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Courtesy of ZeroHedge. View original post here.

Submitted by thetrader.


Nothing new in these videos, but as always, it is good reviewing what risk is about. A few videos with the master of Black Swans and Risk, Nassim Taleb. Videos click here

Mario Draghi, president of the European Central Bank, challenged Europe’s leaders to prepare a 10-year vision for the euro and put growth at the centre of eurozone policies, a tacit criticism of efforts so far by the EU to create a fiscal union to accompany their single currency. Urging a revival of efforts in the 1990s, when he was head of the Italian treasury and the foundations were laid for the launch of Europe’s monetary union in 1999, Mr Draghi’s call hinted at ECB frustration over the loss of political momentum behind Europe’s economic integration.

Osama bin Laden, the mastermind of the 9/11 assault on the US, spent his final years fretting about how to keep his global terror network alive, planning big attacks and obsessing over minute bureaucratic details, scrutinising the resumés of candidates seeking promotion within al-Qaeda. In a letter from 2010 from his Pakistan hideout one of 17 missives released on Thursday by a privately funded institution within the West Point military school bin Laden demands to see the “detailed and lengthy” resumé of Anwar al-’Awlaki.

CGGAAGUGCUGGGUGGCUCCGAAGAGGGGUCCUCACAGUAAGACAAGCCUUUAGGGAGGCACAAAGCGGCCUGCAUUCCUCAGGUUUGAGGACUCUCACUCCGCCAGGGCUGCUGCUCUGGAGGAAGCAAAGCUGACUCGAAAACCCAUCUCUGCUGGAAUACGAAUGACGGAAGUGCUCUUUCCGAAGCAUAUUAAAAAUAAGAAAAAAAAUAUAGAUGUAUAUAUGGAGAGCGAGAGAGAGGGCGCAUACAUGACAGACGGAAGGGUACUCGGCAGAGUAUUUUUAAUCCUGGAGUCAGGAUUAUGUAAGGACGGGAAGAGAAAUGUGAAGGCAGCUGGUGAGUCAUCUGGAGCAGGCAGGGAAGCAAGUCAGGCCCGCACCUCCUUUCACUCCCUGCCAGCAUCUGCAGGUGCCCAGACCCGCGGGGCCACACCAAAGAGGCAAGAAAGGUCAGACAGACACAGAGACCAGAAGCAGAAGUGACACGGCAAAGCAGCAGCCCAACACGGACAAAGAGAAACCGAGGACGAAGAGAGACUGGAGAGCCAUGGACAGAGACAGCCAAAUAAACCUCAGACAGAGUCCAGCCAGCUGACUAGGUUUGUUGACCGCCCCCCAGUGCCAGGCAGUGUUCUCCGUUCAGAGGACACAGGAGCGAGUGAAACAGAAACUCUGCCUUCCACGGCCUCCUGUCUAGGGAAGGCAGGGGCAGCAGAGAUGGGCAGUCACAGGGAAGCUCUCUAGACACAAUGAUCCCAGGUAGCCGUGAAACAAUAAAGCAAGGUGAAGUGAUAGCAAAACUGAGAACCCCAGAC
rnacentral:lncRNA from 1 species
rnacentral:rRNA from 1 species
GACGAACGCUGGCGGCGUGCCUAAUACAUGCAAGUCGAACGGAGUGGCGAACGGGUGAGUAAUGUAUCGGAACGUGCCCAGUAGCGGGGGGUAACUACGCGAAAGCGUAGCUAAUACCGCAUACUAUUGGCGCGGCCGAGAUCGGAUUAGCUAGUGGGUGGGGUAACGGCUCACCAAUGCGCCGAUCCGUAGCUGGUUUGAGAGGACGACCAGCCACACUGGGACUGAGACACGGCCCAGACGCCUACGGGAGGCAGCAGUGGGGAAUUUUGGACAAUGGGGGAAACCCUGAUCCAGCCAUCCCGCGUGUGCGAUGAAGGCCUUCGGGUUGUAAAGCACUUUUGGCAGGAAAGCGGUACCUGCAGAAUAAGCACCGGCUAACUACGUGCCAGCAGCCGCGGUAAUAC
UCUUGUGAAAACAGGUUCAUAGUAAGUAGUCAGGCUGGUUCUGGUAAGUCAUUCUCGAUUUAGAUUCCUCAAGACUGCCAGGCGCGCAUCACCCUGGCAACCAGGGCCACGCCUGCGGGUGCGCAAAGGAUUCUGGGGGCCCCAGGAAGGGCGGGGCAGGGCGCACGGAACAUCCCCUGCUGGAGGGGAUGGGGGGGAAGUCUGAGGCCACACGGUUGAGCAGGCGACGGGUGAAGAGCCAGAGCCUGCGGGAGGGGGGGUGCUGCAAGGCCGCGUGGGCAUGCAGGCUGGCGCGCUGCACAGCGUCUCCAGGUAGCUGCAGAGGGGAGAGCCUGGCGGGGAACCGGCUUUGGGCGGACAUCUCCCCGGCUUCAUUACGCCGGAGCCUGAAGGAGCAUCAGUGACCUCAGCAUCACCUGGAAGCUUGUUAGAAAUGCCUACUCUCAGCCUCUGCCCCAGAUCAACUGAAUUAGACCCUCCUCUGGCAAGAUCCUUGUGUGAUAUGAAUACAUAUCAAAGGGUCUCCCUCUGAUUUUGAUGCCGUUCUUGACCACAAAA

President Nicolas Sarkozy’s hopes of re-election suffered a further knock when the leader of France’s centrist party shifted his support to the Socialist challenger already buoyed by a strong performance in the campaign’s only head-to-head television debate. François Bayrou, a former centre-right minister who came fifth in the first round of the presidential election with 9.1 per cent of the vote, announced on Thursday evening that he would vote for François Hollande, the Socialist frontrunner. He said Mr Sarkozy had become “obsessed” with immigration.

Labour on Thursday night took control of big cities such as Birmingham, Southampton and Derby with the party on track to win back hundreds of seats across England and Wales in local elections. The opposition also took smaller urban centres like Cambridge, Exeter and Plymouth outside their traditional heartlands. However, fears remained among senior Labour figures that the night would be tarnished by Ken Livingstone’s expected failure to unseat Boris Johnson as mayor of London.